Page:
Although the island was shaken from time to time by the rebellious populace, it continued
to develop both economically and culturally.
Painting and literature flourished.
Domenicos Theotocopoulos ( El Greco ), Damaskinos and other iconographers painted
exquisite portraits and arched windows troubadours passed singing ballads by
Hortantzisabout the suffering of Erotokritos and Erophili.
In 1645 the Muslim conquerors set foot on the island for the first time. In 1669 the whole
of Crete fell to the Turks. Not until 1913 was the island united with the rest of Greece.
This island with its clear, warm sea, boundless beaches lined with tamarisks, splendid
plateaus and mild starry nights has more to offer than its past, its gorges, peaks and
climate. Today it continues to live fully and to develop, its cities particularly changing
in appearance from one day to the next, in contrast to the many unchanging villages where
life goes on in the same rhythm it has for centuries.
There are hundreds of cafes where one can sit in the shade of a spreading plane, oak or
mulberry tree and sip a “tsikoudia” ( raki) while playing a game of cards or “ tavli
There are dozens of tavernas and ouzeries serving some tasty “ meze “, a specialty of
the area. Yogurt and honey, sweet tarts (kaltzounia), pies made of wild greens flavored
with fennel, fried cheese (staka), rabbit stew, cheese pie from Hora Sfakion, cockles,
boiled goat. In the city of Hania, at Malaxa, at Vrisses, and other villages in the area,
in Rethimno, in Iraklio and its villages, and in the whole district of Lassithi. Fish, sea
urchins, octopus and cuttlefish cooked on charcoal and fried squid to be tasted at seaside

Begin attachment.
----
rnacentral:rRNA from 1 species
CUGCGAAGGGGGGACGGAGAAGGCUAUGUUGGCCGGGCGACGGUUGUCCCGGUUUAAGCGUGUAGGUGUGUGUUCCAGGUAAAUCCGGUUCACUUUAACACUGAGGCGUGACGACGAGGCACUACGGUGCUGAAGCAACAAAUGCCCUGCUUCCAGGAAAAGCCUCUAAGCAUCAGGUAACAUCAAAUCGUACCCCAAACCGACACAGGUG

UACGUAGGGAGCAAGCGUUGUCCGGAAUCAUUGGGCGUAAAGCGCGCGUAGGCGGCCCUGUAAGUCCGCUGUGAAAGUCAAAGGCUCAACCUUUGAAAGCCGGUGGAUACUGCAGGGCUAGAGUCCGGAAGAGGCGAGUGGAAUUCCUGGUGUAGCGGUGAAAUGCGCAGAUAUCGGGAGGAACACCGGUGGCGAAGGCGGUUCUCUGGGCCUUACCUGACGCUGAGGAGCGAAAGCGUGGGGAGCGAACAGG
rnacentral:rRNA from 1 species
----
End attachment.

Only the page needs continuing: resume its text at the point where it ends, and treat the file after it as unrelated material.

tavernas. And everywhere the delectable Cretan wine. Every saint’s feast day is
celebrated with gusto at dozens of villages throughout the island; all Crete throbbing to
the sound of the Cretan lyre and the rhythm of the local dances, the pentozali and the
sousta. Meanwhile the housewives are preparing a steamed Cretan pilaff and special
holidays fritters (xerotigana ).
In the shop windows of bustling Iraklio, picturesque Rethimno, and Hania, elegant furs,
precious jeweler and artistic silverware attract the visitor’s attention.
In the shops of lovely Sitia and tranquil Ierapetra and in mountainous Anogia one is
impressed by the spread out <<patanies>>, traditional local woven fabrics in
dazzling colors, and everywhere one sees skillfully crafted ceramics and leather goods. In
the “Stivanadika” district of Hahia (Skridlof St.) traditional boots ( stivania ) are
still made in the old- fashioned way, because though it may seem strange even today there
are Cretans who still wear their traditional costume. In the marketplace of the same city,
the only one of its kind, but also in similar shops all over the island, every kind of
food, fruit and vegetable produced in the fertile valleys, hot houses and mountain
regions, is laid out on display. Exotic avocadoes, Belgian endive and bananas, juicy
oranges and fragrant melons, succulent figs and tasty prickly pears, delicious grapes,
sweet tomatoes, tender cucumbers, fresh- picked greens from the hillsides, snails, mouth
– watering sardines, tempting lobster, kid from the islet of Gavdos, honey perfumed with
thyme, and wonderful cheeses – graviera ( gruyere ), myzithra ( ricotta), fresh white
cheese, and soft, luscious staka.
The evenings are enchanting spent next to the intoxicating aroma of a jasmine vine in an
open- air cinema, seated in the comfortable chairs of a pastry shop, gathered round the
table or a fish – taverna right by the sea, strolling in solitude on a remote, deserted
beach, or why not, enjoying the rhythms of rock in a discotheque or a bar or conversing in
the spacious lounge of a luxury hotel.